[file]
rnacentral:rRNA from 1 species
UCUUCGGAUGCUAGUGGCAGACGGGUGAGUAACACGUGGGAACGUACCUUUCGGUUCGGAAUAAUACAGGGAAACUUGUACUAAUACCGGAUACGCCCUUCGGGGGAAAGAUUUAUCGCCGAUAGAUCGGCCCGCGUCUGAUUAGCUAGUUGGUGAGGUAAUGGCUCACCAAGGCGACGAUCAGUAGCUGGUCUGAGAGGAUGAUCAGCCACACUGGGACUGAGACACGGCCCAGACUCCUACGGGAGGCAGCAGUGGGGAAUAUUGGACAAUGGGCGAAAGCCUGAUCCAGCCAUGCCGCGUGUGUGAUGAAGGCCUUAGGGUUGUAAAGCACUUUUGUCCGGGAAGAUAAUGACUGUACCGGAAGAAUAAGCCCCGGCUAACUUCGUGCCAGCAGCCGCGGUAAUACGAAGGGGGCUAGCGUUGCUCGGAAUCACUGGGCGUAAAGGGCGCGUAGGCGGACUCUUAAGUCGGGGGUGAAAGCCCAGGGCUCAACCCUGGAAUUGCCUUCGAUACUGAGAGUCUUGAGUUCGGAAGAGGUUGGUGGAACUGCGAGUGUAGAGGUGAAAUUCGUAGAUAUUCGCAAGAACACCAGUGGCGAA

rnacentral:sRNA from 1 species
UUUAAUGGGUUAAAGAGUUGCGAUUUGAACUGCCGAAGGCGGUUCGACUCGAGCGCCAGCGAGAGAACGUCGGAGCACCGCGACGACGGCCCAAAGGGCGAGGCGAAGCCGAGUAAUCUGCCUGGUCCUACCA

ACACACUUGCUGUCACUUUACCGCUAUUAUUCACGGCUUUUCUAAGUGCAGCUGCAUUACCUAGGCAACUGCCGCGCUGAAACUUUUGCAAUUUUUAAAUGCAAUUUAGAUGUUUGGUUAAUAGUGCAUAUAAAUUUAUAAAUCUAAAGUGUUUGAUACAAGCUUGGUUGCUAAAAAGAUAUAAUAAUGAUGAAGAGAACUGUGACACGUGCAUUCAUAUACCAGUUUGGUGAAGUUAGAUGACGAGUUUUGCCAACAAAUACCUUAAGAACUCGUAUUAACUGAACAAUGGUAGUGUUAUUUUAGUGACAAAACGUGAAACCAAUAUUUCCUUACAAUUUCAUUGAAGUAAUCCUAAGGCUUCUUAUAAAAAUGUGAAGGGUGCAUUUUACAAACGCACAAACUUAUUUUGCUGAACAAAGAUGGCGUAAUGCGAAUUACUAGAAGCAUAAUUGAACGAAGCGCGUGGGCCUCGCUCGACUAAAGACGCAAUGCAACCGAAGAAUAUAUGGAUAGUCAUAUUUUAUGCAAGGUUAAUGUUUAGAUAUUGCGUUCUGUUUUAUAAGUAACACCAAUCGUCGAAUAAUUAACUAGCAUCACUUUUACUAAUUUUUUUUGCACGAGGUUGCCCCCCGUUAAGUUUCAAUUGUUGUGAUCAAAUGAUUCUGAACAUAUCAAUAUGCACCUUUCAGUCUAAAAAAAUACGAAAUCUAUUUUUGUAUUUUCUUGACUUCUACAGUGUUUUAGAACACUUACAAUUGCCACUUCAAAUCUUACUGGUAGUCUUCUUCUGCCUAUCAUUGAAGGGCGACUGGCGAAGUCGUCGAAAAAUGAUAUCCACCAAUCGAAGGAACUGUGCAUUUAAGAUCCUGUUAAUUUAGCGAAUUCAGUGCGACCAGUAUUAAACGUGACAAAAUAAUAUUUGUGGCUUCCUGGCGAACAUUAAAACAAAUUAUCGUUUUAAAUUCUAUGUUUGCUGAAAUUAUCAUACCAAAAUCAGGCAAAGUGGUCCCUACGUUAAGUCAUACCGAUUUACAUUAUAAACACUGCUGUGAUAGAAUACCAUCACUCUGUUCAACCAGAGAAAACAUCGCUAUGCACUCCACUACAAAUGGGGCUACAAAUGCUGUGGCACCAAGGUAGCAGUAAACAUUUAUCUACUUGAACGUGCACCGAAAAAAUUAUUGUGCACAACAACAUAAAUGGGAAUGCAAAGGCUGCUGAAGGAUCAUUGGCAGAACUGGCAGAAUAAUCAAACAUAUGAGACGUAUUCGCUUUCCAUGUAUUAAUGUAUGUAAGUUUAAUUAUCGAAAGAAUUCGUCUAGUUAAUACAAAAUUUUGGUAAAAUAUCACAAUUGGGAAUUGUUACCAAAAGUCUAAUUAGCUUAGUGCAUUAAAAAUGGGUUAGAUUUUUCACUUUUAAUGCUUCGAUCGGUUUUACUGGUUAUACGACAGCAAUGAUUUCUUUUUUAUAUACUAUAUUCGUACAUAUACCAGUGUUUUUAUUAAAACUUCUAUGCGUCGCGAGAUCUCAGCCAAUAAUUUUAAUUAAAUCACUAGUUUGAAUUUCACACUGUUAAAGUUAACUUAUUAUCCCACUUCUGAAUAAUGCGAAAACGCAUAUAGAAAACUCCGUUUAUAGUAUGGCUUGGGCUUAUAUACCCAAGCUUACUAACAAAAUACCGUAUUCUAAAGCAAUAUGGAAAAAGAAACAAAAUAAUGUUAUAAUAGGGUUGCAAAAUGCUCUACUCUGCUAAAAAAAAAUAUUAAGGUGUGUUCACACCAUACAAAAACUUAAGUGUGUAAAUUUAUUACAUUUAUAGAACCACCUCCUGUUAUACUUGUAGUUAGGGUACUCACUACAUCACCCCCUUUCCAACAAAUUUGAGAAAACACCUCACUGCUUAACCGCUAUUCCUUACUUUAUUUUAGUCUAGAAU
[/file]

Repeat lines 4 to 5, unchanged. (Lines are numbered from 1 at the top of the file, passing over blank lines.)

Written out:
UUUAAUGGGUUAAAGAGUUGCGAUUUGAACUGCCGAAGGCGGUUCGACUCGAGCGCCAGCGAGAGAACGUCGGAGCACCGCGACGACGGCCCAAAGGGCGAGGCGAAGCCGAGUAAUCUGCCUGGUCCUACCA

ACACACUUGCUGUCACUUUACCGCUAUUAUUCACGGCUUUUCUAAGUGCAGCUGCAUUACCUAGGCAACUGCCGCGCUGAAACUUUUGCAAUUUUUAAAUGCAAUUUAGAUGUUUGGUUAAUAGUGCAUAUAAAUUUAUAAAUCUAAAGUGUUUGAUACAAGCUUGGUUGCUAAAAAGAUAUAAUAAUGAUGAAGAGAACUGUGACACGUGCAUUCAUAUACCAGUUUGGUGAAGUUAGAUGACGAGUUUUGCCAACAAAUACCUUAAGAACUCGUAUUAACUGAACAAUGGUAGUGUUAUUUUAGUGACAAAACGUGAAACCAAUAUUUCCUUACAAUUUCAUUGAAGUAAUCCUAAGGCUUCUUAUAAAAAUGUGAAGGGUGCAUUUUACAAACGCACAAACUUAUUUUGCUGAACAAAGAUGGCGUAAUGCGAAUUACUAGAAGCAUAAUUGAACGAAGCGCGUGGGCCUCGCUCGACUAAAGACGCAAUGCAACCGAAGAAUAUAUGGAUAGUCAUAUUUUAUGCAAGGUUAAUGUUUAGAUAUUGCGUUCUGUUUUAUAAGUAACACCAAUCGUCGAAUAAUUAACUAGCAUCACUUUUACUAAUUUUUUUUGCACGAGGUUGCCCCCCGUUAAGUUUCAAUUGUUGUGAUCAAAUGAUUCUGAACAUAUCAAUAUGCACCUUUCAGUCUAAAAAAAUACGAAAUCUAUUUUUGUAUUUUCUUGACUUCUACAGUGUUUUAGAACACUUACAAUUGCCACUUCAAAUCUUACUGGUAGUCUUCUUCUGCCUAUCAUUGAAGGGCGACUGGCGAAGUCGUCGAAAAAUGAUAUCCACCAAUCGAAGGAACUGUGCAUUUAAGAUCCUGUUAAUUUAGCGAAUUCAGUGCGACCAGUAUUAAACGUGACAAAAUAAUAUUUGUGGCUUCCUGGCGAACAUUAAAACAAAUUAUCGUUUUAAAUUCUAUGUUUGCUGAAAUUAUCAUACCAAAAUCAGGCAAAGUGGUCCCUACGUUAAGUCAUACCGAUUUACAUUAUAAACACUGCUGUGAUAGAAUACCAUCACUCUGUUCAACCAGAGAAAACAUCGCUAUGCACUCCACUACAAAUGGGGCUACAAAUGCUGUGGCACCAAGGUAGCAGUAAACAUUUAUCUACUUGAACGUGCACCGAAAAAAUUAUUGUGCACAACAACAUAAAUGGGAAUGCAAAGGCUGCUGAAGGAUCAUUGGCAGAACUGGCAGAAUAAUCAAACAUAUGAGACGUAUUCGCUUUCCAUGUAUUAAUGUAUGUAAGUUUAAUUAUCGAAAGAAUUCGUCUAGUUAAUACAAAAUUUUGGUAAAAUAUCACAAUUGGGAAUUGUUACCAAAAGUCUAAUUAGCUUAGUGCAUUAAAAAUGGGUUAGAUUUUUCACUUUUAAUGCUUCGAUCGGUUUUACUGGUUAUACGACAGCAAUGAUUUCUUUUUUAUAUACUAUAUUCGUACAUAUACCAGUGUUUUUAUUAAAACUUCUAUGCGUCGCGAGAUCUCAGCCAAUAAUUUUAAUUAAAUCACUAGUUUGAAUUUCACACUGUUAAAGUUAACUUAUUAUCCCACUUCUGAAUAAUGCGAAAACGCAUAUAGAAAACUCCGUUUAUAGUAUGGCUUGGGCUUAUAUACCCAAGCUUACUAACAAAAUACCGUAUUCUAAAGCAAUAUGGAAAAAGAAACAAAAUAAUGUUAUAAUAGGGUUGCAAAAUGCUCUACUCUGCUAAAAAAAAAUAUUAAGGUGUGUUCACACCAUACAAAAACUUAAGUGUGUAAAUUUAUUACAUUUAUAGAACCACCUCCUGUUAUACUUGUAGUUAGGGUACUCACUACAUCACCCCCUUUCCAACAAAUUUGAGAAAACACCUCACUGCUUAACCGCUAUUCCUUACUUUAUUUUAGUCUAGAAU